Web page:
According to sale indexes available here on Thursday, the price of top quality or the triple-A grade tanzanite, has currently jumped to around 600 US dollars per gram from about 180 dollars per gram three years ago.
The deep blue gemstone, which was introduced to the world in 1960s and had been once confused with blue sapphire, is now one of the most sought after precious stones to be sold in Tanzania where in responding to the hike of global prices, most of its local retail dealers increase their spot prices by almost 25 percent every half a year.
Discovered at the foot of Mount Kilimanjaro by a Masai tribe man by accident in the year 1964, tanzanite has become popular since later last century after some world-class jewelers promoted it on the world market.
The gemstone, which is only found within an area of no more than 10 sq. km in northern Tanzania and is predicted to be exhausted by the year 2020, fetched some 100 million US dollars on the world market each year.
A tanzanite of good quality after cutting shows mixed hue of deep blue and purple. The color is at its best when a stone is at least four carats in size.
Copyright 2005 XINHUA NEWS AGENCY.
3. Title: Tanzanite. (Stone Of The Moment)
Date: 12/01/2005; Publication: W; Author: Baker, Ashley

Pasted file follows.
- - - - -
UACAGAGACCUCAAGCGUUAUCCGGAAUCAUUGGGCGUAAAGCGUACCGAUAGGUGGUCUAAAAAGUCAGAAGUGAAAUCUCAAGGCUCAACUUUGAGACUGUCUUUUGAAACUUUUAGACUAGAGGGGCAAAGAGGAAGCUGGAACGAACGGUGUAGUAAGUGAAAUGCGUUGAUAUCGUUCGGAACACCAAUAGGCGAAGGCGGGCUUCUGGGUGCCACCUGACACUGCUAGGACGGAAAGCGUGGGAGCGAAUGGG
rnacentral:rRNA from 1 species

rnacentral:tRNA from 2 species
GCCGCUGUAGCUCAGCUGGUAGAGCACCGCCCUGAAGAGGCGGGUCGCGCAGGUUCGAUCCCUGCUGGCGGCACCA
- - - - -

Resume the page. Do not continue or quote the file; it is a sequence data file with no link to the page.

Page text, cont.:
In 1967, a Masai tribesman noticed an azure flicker in the ground during a routine day herding cattle. That indigo light turned out to be tanzanite, a variety of the mineral zoisite. One thousand times rarer than diamond, the stone boasts an exceptional ability to exude blue, violet, wine-red and green hues. Formed 585 million years ago, the tanzanite stone bed resulted from an unusual chemical reaction beneath the earth's surface in the Merelani region of Tanzania. Upon its discovery in Africa, Tiffany & Co. was instrumental in bringing it to the United States, introducing a full collection of tanzanite jewelry in 1968. Today, jewelers like Shaun Leane are reveling in the gem's fluorescence, using the largest specimens available to capture its wide-ranging spectrum. But designers will have to get it while they can. It is estimated that the supply will be exhausted by about 2050.
Masai chief are known to give their wives raw tanzanite upon the birth of a child in hopes of ensuring a healthy and successful life.
In its raw form, tanzanite is trichroic, which means that it radiates an entirely different color from each of its three axes.
In 2005, Tiffany & Co. designed one of the largest pieces of tanzanite jewelry in the world: a 233.96-carat stone fashioned into a $400,000 branch surrounded by platinum and diamonds.
According to Masai lore, tanzanite was created when a bolt of lightning set the land ablaze and turned the stones within a brilliant shade of blue.
Although tanzanite is technically the birthstone of December, its general popularity has led to its marketing as the universal birthstone.
COPYRIGHT 2005 Fairchild Publications, Inc.